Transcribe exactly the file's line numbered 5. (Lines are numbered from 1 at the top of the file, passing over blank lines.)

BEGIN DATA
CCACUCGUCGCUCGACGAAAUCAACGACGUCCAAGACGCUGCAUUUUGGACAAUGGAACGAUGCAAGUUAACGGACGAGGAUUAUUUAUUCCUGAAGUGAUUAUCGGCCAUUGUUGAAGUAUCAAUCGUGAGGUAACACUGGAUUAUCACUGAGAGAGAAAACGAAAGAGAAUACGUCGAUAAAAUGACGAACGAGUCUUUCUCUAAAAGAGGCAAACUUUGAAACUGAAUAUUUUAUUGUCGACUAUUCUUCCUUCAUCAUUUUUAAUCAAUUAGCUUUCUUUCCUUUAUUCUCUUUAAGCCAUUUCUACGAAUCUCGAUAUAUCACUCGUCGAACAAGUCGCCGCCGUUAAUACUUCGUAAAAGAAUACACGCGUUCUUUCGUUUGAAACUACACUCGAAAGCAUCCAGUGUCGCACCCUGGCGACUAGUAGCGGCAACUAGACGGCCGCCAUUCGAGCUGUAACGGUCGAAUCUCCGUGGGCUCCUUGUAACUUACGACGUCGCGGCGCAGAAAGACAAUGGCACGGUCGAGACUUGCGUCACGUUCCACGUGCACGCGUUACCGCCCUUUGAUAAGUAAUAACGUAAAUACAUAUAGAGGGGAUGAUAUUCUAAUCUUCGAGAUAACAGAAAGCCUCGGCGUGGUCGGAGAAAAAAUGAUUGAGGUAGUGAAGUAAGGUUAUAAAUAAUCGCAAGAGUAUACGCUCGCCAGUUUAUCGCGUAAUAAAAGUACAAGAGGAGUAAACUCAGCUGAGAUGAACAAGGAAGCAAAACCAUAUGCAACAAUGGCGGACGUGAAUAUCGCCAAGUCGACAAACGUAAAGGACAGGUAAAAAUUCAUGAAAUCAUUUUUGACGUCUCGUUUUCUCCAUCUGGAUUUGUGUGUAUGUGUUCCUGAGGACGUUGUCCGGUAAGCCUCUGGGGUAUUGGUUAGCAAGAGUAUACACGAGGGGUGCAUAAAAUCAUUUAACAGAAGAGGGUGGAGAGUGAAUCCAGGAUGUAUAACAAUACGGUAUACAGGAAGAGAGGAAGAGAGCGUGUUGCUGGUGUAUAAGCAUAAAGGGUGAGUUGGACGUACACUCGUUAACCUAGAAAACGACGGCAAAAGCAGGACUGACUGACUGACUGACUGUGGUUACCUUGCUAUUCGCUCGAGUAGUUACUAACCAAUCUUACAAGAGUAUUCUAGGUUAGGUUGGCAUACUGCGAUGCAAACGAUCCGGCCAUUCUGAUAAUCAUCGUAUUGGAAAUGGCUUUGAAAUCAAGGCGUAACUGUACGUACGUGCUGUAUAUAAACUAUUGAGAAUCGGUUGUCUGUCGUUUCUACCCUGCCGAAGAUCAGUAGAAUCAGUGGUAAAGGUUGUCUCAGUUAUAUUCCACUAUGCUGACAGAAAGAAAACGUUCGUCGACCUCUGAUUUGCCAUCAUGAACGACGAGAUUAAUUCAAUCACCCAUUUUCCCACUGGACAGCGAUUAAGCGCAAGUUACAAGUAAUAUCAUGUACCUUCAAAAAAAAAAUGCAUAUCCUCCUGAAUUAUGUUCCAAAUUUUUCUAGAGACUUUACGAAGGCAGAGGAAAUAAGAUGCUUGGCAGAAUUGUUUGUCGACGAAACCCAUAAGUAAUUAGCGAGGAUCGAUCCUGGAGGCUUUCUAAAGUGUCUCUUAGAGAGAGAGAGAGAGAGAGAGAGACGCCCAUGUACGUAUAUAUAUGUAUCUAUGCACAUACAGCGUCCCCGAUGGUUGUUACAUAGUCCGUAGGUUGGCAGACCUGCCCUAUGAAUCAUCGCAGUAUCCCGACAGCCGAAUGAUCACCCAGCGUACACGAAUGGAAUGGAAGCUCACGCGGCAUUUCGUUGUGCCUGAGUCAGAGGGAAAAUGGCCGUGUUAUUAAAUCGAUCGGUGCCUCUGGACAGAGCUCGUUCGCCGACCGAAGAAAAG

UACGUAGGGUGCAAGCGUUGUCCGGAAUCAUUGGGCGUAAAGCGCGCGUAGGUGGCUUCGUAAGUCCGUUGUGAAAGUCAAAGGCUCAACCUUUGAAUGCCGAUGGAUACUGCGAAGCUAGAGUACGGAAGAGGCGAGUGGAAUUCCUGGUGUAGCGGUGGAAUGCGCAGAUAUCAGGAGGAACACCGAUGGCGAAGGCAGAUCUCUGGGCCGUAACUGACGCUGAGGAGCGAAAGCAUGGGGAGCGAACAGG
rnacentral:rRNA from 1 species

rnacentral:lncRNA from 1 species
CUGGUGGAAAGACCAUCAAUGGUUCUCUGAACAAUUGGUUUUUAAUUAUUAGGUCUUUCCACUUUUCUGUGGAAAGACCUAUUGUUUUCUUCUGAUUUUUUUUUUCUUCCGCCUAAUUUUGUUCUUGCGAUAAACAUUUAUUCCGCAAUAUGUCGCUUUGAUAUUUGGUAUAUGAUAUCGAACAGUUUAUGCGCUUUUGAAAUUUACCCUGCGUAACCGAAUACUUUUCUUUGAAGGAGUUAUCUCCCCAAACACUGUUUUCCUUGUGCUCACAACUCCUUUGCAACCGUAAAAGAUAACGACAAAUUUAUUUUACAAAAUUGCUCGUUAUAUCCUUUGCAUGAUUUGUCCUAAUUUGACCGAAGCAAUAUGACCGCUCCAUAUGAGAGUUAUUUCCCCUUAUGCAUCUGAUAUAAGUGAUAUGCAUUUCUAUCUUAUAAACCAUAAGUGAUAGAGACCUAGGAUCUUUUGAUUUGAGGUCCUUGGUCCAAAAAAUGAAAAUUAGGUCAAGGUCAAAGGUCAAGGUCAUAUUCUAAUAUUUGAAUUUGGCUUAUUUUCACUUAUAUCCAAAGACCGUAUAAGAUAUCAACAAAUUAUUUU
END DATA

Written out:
CUGGUGGAAAGACCAUCAAUGGUUCUCUGAACAAUUGGUUUUUAAUUAUUAGGUCUUUCCACUUUUCUGUGGAAAGACCUAUUGUUUUCUUCUGAUUUUUUUUUUCUUCCGCCUAAUUUUGUUCUUGCGAUAAACAUUUAUUCCGCAAUAUGUCGCUUUGAUAUUUGGUAUAUGAUAUCGAACAGUUUAUGCGCUUUUGAAAUUUACCCUGCGUAACCGAAUACUUUUCUUUGAAGGAGUUAUCUCCCCAAACACUGUUUUCCUUGUGCUCACAACUCCUUUGCAACCGUAAAAGAUAACGACAAAUUUAUUUUACAAAAUUGCUCGUUAUAUCCUUUGCAUGAUUUGUCCUAAUUUGACCGAAGCAAUAUGACCGCUCCAUAUGAGAGUUAUUUCCCCUUAUGCAUCUGAUAUAAGUGAUAUGCAUUUCUAUCUUAUAAACCAUAAGUGAUAGAGACCUAGGAUCUUUUGAUUUGAGGUCCUUGGUCCAAAAAAUGAAAAUUAGGUCAAGGUCAAAGGUCAAGGUCAUAUUCUAAUAUUUGAAUUUGGCUUAUUUUCACUUAUAUCCAAAGACCGUAUAAGAUAUCAACAAAUUAUUUU